China warns Taiwan that attempts to seek independence will result in war

China has warned Taiwan that attempts to seek independence from Beijing would result in war.

China believes that Taiwan’s democratically-elected government is moving the island towards a declaration of formal independence, however the island’s President has repeatedly stated that they are already independent and no declaration is needed. The intensification of rhetoric comes after China stepped up its military activity in the Taiwan Straits with the Taiwanese government accusing Beijing of flying a dozen military jets over its airspace on Sunday as an act of intimidation.

When asked about the recent activities in the region Chinese Defence Ministry spokesman Wu Qian justified the actions by claiming that they were necessary “ to address the current security situation in the Taiwan Strait and to safeguard national sovereignty and security”, he added that they are a “solemn response to external interference and provocations by ‘Taiwan independence’, he then issued a direct warning to Taiwan stating that “those who play with fire will burn themselves” and that “Taiwan independence means war”. 

Taiwan’s mainland affairs council fired back saying that China shouldn’t underestimate their determination to defend the islands sovereignty and uphold their current freedoms and democracy, something communist China is notably lacking in. Beijing views Taiwan as an integral part of China that is currently nothing more than a breakaway province, whereas Taiwan believes they are a sovereign nation state. Both countries have had separate governments since the end of the Chinese civil war in 1949 which saw the communists under Moa Zedong propelled to the control of mainland China whilst the opposing Chinese nationalists under Chiang Kai-shek withdrew to Taiwan.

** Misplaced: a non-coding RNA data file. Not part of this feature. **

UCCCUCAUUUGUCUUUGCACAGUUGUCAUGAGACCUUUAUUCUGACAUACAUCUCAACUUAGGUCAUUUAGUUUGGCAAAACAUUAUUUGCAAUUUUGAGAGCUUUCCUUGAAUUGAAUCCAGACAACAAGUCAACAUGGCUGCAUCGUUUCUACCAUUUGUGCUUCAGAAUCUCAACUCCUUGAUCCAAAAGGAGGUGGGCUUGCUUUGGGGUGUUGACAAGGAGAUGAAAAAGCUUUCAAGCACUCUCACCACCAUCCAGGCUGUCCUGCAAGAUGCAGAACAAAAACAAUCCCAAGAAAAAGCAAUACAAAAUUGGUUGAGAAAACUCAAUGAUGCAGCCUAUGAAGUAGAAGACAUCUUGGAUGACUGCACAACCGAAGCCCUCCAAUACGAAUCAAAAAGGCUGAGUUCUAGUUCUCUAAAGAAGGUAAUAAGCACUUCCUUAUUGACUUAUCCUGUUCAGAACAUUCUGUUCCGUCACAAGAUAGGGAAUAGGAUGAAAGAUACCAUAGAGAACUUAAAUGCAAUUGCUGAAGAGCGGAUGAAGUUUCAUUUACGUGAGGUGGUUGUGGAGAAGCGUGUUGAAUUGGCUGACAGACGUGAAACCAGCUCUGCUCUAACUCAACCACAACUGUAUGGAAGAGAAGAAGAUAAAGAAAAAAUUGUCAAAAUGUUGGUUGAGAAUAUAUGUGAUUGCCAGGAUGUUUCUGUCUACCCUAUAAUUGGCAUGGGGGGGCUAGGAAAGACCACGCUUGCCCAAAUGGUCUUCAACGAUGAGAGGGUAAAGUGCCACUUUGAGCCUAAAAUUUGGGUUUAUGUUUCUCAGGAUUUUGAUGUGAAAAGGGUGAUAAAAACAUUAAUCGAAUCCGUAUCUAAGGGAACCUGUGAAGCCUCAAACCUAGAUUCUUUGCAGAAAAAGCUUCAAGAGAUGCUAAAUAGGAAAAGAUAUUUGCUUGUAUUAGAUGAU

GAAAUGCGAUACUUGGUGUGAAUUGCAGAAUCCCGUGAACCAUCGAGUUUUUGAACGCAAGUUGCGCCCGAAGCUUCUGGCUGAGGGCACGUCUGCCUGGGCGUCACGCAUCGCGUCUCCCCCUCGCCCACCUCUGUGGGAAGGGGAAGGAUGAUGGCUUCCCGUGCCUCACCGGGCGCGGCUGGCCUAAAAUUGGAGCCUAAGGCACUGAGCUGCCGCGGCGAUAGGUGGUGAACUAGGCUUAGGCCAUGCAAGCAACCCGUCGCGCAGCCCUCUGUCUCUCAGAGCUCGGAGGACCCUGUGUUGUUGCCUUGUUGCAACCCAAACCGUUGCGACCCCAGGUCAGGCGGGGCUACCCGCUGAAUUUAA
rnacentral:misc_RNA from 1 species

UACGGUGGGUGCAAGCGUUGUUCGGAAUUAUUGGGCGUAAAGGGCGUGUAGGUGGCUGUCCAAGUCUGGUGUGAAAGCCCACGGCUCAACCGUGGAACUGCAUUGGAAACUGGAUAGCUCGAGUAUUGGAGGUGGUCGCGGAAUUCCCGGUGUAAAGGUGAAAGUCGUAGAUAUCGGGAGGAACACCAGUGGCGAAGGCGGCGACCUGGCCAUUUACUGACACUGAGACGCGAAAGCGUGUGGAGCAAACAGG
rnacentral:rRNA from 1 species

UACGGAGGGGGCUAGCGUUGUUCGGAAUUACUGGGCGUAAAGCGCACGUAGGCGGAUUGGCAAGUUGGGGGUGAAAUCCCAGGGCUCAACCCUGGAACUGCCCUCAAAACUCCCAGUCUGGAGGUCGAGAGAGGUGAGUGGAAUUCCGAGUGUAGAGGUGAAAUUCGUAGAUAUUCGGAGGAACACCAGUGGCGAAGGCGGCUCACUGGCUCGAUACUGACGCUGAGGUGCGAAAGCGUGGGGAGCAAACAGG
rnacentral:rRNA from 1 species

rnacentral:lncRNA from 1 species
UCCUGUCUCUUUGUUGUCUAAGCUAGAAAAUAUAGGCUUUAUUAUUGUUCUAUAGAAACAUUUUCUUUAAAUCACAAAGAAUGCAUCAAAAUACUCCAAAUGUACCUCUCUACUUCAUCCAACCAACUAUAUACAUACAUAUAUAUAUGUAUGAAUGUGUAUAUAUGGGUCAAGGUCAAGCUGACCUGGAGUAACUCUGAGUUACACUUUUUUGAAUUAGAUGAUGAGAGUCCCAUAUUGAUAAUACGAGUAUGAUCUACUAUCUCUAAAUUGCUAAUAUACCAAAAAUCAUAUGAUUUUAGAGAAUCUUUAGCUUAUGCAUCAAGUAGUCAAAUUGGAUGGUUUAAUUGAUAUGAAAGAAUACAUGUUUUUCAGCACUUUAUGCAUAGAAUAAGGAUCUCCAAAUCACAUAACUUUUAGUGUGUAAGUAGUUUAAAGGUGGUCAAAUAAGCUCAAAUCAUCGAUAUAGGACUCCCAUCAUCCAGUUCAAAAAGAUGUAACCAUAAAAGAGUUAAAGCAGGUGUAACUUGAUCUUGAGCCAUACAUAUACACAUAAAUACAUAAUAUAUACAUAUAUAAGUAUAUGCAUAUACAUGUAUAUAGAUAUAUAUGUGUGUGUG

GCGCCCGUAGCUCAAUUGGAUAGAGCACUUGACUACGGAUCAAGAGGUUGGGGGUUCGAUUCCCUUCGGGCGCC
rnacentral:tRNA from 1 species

Since then China has endeavoured to undermine Taiwan’s position and influence within the pacific region, and tried to limit its international activities. The United States switched recognition from Taiwan to communist China in 1979 under President Jimmy Carter, but is still legally bound under the Taiwan Relations Act to ensure that the island is able to defend itself. Many in the U.S have observed that China’s actions were intended to test new President Joe Biden and his administration. It seems like the new administration doesn’t intend to deviate from the firm stance the Trump administration took against China.

Biden’s Secretary of State Antony Blinken described China as the greatest threat of any nation to the U.S during his confirmation hearing and stated that he believed “President Trump was right in taking a tougher approach to China”, he did go on to say that he didn’t agree with the way in which President Trump went about it, but that “the basic principle was right”. On Wednesday President Biden assured Japanese Prime Minister Yoshihide Suga that he is committed to defending Japan and its control of the Senkaku Islands which are claimed by both China and Japan.   




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